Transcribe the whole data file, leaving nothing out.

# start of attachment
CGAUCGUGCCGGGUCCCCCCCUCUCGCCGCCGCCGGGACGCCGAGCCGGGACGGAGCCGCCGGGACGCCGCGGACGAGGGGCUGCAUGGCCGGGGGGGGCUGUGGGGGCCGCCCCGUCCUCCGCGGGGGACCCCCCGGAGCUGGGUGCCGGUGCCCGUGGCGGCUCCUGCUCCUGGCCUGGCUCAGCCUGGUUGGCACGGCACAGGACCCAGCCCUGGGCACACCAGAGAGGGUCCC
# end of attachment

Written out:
CGAUCGUGCCGGGUCCCCCCCUCUCGCCGCCGCCGGGACGCCGAGCCGGGACGGAGCCGCCGGGACGCCGCGGACGAGGGGCUGCAUGGCCGGGGGGGGCUGUGGGGGCCGCCCCGUCCUCCGCGGGGGACCCCCCGGAGCUGGGUGCCGGUGCCCGUGGCGGCUCCUGCUCCUGGCCUGGCUCAGCCUGGUUGGCACGGCACAGGACCCAGCCCUGGGCACACCAGAGAGGGUCCC